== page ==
To aspire, Callard writes, is to judge one’s present-day self by the standards of a future self who doesn’t yet exist.
In the Chinese diet, milk and cheese, the well-recognized sources of calcium and phosphorus, are not used. A typical Chinese dish, which is called ‘sweet-sour-spareribs,’ was analyzed as a possible source of these elements.
13 February 1950 U.S.A., Pacific Ocean- A B-36 which developed serious mechanical difficulties on a simulated combat mission, dropped a nuclear weapon from 8,000 ft. over the Pacific Ocean before crashing.
Luckily only the weapon’s explosive material detonated.
Nothing is known of attempts to recover the nuclear weapon and presumably it is still in the ocean.
(The Defence Monitor Vol.X No.5 1981 Washington D.C. “The National Times” 15th March 1981)
1959: San Fernando Valley, California, U.S.A.
“Radioactive genes were slowly and deliberately released into the air after a serious accident in a reactor just north of the populous San Fernando Valley.”
(Sources “From under the Rug” F.O.E. La Trobe University Vic.)
In addition to providing Gold with secrets on the American atomic project, Fuchs also passed detailed information about the hydrogen bomb to the Soviet Union. Some experts estimate that Fuchs’ intelligence enabled the Soviets to develop and test their own atomic bomb one to two years earlier than otherwise expected.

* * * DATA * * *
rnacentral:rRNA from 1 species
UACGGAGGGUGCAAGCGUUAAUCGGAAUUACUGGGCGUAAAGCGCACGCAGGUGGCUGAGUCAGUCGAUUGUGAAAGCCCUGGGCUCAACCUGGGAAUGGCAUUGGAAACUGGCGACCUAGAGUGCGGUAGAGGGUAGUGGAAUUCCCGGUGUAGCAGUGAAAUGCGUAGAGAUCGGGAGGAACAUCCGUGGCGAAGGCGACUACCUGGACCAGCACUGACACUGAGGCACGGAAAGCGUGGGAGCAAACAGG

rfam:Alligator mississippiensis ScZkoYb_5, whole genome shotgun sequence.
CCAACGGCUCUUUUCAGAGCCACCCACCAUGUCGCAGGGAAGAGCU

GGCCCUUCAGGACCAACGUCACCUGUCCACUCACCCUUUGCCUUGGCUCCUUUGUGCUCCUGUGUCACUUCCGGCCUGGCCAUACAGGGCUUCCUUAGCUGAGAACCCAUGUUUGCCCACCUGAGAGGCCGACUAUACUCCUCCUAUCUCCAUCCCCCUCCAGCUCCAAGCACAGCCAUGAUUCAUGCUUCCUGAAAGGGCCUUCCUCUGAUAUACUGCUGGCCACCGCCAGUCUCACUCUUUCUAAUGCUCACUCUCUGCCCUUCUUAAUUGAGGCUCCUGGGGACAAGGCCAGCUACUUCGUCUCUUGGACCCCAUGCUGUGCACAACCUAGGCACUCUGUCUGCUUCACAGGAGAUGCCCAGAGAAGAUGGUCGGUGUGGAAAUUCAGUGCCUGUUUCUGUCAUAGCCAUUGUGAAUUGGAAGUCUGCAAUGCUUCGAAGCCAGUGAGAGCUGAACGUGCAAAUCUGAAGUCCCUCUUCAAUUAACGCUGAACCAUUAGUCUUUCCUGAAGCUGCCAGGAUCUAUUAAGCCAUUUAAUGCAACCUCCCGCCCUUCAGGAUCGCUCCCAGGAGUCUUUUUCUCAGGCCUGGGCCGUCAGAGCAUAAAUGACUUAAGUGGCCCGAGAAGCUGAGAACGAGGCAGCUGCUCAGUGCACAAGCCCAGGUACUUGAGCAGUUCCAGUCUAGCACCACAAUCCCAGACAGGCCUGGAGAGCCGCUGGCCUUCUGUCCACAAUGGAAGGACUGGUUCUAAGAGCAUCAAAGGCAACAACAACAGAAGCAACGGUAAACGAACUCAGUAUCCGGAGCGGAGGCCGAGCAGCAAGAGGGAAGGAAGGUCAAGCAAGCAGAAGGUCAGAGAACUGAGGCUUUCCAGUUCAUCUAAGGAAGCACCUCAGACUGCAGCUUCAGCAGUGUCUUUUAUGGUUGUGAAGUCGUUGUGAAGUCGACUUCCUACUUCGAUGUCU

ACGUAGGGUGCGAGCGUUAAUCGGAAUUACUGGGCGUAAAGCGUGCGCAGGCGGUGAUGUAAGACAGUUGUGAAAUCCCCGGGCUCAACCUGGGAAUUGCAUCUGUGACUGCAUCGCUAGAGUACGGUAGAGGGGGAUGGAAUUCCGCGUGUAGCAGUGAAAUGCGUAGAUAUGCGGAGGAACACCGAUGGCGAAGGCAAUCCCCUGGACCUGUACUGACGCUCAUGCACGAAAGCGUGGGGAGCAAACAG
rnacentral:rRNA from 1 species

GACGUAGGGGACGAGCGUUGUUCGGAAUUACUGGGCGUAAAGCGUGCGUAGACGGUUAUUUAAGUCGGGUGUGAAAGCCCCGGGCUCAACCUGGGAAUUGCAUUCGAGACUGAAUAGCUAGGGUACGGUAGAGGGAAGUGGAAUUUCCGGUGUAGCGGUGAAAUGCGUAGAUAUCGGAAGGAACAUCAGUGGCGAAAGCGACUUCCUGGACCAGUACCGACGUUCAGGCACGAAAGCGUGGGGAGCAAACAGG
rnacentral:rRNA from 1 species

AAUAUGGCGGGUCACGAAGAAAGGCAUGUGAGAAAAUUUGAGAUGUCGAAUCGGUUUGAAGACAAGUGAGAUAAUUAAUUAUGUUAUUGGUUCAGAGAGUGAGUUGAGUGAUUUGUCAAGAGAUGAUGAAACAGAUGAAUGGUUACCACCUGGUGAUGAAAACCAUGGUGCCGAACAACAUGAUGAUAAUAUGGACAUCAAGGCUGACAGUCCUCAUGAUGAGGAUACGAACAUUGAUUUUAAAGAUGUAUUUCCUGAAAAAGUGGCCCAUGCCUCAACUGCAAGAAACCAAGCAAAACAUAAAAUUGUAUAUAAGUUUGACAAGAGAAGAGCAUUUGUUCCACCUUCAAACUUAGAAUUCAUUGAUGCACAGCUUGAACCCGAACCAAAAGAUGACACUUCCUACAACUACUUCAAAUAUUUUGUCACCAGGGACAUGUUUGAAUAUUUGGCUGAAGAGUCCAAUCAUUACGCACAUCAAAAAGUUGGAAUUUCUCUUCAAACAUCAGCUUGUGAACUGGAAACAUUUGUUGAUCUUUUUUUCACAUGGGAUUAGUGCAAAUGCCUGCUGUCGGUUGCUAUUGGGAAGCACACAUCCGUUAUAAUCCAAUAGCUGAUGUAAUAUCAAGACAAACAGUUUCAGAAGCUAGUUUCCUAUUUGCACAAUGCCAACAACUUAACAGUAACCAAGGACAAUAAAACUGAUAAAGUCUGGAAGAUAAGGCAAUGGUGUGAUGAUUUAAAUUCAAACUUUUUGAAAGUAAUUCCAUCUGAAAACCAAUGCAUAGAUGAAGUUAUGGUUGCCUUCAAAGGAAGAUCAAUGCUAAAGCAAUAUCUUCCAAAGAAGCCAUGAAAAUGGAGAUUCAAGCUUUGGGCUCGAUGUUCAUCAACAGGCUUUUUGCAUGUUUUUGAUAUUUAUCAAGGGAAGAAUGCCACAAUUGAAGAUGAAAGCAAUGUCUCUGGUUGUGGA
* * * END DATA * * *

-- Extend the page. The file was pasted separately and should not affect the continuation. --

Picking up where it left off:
Read more here: https://www.atomicheritage.org/profile/klaus-fuchs
Those in paradise were given a choice: happiness without freedom, or freedom without happiness. There was no third alternative.
(From the dystopian novel We, by Yevgeny Zamyatin, 1924)
Deep in the vast forests of Russia’s Ural mountains lies the forbidden city of Ozersk. Behind guarded gates and barbed wire fences stands a beautiful enigma – a hypnotic place that seems to exist in a different dimension.
Codenamed City 40, Ozersk was the birthplace of the Soviet nuclear weapons programme after the second world war. For decades, this city of 100,000 people did not appear on any maps, and its inhabitants’ identities were erased from the Soviet census.
“how can you help a normal adult learn a new language quickly, easily and effectively?
Now this is a really, really important question in today’s world.
We have massive challenges with environment. We have massive challenges with social dislocation, with wars, all sorts of things going on and if we can’t communication we’re really going to have difficulty solving these problems. So we need to be able to speak each other’s languages, this is really really important.
The question is how you do that.
Well it’s actually really easy.
You look around for people who can already do it, you look for situations where it’s already working, and then you identify the principles and apply them.
It’s called modelling and I’ve been looking at language learning and modelling language learning for about fifteen to twenty years now.
And my conclusion, my observation from this is
is that any adult can learn a second language to fluency
inside six months.
Now when I say this, most people think I’m crazy, that this is not possible.
So let me remind everybody of the history of human progress, it’s all about expanding our limits.”